The Learn 2 Grow website says, “Some believe that this semi-evergreen shrub is actually a naturally occurring hybrid between two Genista from the Canary Islands, Genista stenopetalus and Genista canariensis, but this is not confirmed.” GEEZ!!! That’s why Monrovia and a few other websites list their plants as Genista x spachiana or Cytisus x spachianus. Hmmm… I have been having trouble with links to Learn 2 Grow opening… HOPEFULLY, someday they will work again because I use their site A LOT!
I ran across this excerpt from the book titled “An Illustrated Encyclopedia of Gardening” written by Walter P. Wright in 1913 on Google…
Then, of course, there is Dave’s Garden. They currently list an Easter Broom as Genista spachiana, but when I updated this page before it said Genista x spachiana.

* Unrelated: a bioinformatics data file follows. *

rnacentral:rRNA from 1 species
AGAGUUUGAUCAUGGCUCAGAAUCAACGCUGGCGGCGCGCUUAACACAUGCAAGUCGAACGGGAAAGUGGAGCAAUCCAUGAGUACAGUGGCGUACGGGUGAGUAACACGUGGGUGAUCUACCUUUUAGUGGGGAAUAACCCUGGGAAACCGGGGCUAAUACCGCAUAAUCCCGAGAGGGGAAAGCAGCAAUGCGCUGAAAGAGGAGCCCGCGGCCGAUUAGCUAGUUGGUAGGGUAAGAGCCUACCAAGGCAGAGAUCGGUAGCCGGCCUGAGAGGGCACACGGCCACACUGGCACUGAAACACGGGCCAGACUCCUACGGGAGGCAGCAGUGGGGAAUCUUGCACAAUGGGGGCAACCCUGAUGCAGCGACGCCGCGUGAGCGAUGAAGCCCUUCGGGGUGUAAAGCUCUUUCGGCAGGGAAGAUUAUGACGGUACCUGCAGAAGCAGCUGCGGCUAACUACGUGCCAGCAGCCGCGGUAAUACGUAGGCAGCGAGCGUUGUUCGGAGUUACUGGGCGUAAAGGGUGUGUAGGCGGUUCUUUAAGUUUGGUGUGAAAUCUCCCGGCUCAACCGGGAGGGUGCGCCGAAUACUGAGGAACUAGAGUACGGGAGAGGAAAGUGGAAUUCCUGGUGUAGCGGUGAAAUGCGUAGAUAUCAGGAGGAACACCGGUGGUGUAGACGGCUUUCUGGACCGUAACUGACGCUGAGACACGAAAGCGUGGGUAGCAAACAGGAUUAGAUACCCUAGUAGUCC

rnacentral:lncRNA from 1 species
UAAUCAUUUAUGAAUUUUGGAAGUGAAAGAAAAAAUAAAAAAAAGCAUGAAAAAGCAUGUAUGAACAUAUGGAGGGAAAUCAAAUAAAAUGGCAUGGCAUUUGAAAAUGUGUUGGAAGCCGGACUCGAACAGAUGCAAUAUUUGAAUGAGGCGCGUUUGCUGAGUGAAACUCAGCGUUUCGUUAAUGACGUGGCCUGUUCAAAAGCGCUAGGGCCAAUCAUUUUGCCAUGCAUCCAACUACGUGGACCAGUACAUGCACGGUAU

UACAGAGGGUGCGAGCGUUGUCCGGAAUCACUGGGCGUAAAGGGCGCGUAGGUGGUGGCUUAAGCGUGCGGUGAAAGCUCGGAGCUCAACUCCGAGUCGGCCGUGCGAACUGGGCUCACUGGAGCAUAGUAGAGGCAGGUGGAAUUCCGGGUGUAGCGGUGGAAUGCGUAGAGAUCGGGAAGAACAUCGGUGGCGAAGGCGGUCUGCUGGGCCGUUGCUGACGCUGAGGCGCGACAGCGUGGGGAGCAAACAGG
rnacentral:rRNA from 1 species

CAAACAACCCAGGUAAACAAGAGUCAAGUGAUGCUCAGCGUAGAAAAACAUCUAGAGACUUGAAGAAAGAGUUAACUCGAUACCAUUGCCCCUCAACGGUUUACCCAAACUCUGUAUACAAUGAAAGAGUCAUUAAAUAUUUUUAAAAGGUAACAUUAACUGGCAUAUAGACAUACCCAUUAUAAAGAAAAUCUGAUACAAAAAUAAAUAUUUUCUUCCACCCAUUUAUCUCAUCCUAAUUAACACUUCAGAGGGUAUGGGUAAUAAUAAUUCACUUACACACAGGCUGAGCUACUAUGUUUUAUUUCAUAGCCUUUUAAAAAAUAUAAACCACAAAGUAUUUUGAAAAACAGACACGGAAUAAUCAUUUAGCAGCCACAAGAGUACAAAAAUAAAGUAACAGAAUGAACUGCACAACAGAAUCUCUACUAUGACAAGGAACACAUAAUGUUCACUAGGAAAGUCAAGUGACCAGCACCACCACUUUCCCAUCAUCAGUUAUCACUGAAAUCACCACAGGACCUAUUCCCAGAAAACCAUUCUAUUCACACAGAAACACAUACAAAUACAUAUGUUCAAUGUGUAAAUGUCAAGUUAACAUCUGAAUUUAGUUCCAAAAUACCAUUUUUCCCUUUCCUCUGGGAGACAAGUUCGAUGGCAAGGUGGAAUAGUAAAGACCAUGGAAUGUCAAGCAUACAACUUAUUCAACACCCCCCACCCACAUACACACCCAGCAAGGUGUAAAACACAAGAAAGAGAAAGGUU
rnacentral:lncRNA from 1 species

Family: Fabaceae (Leguminosae)
Origin: Canary Islands
Zones: USDA Zones 9a-11 (20 to 40° F/-6.6 to 4.5° C)
Size: 5-8’ tall x 5-8’ wide
Light: Full sun
Soil: Average well-drained
I am not sure I will grow this plant again, but it is a possibility. I haven’t seen it for sale locally here in mid-Missouri. I will say it was a beautiful and profuse bloomer and mine stayed small. Maybe because it was in a planter.
I hope you enjoyed this page and maybe found it useful. If you have any comments, questions or suggestions, I would like to hear from you. Please click on “like” if you visited this page. It helps us bloggers stay motivated. 🙂 You can check out the links below for further reading. The links take you directly to the genus and species of this plant. If you notice I made an error, please let me know.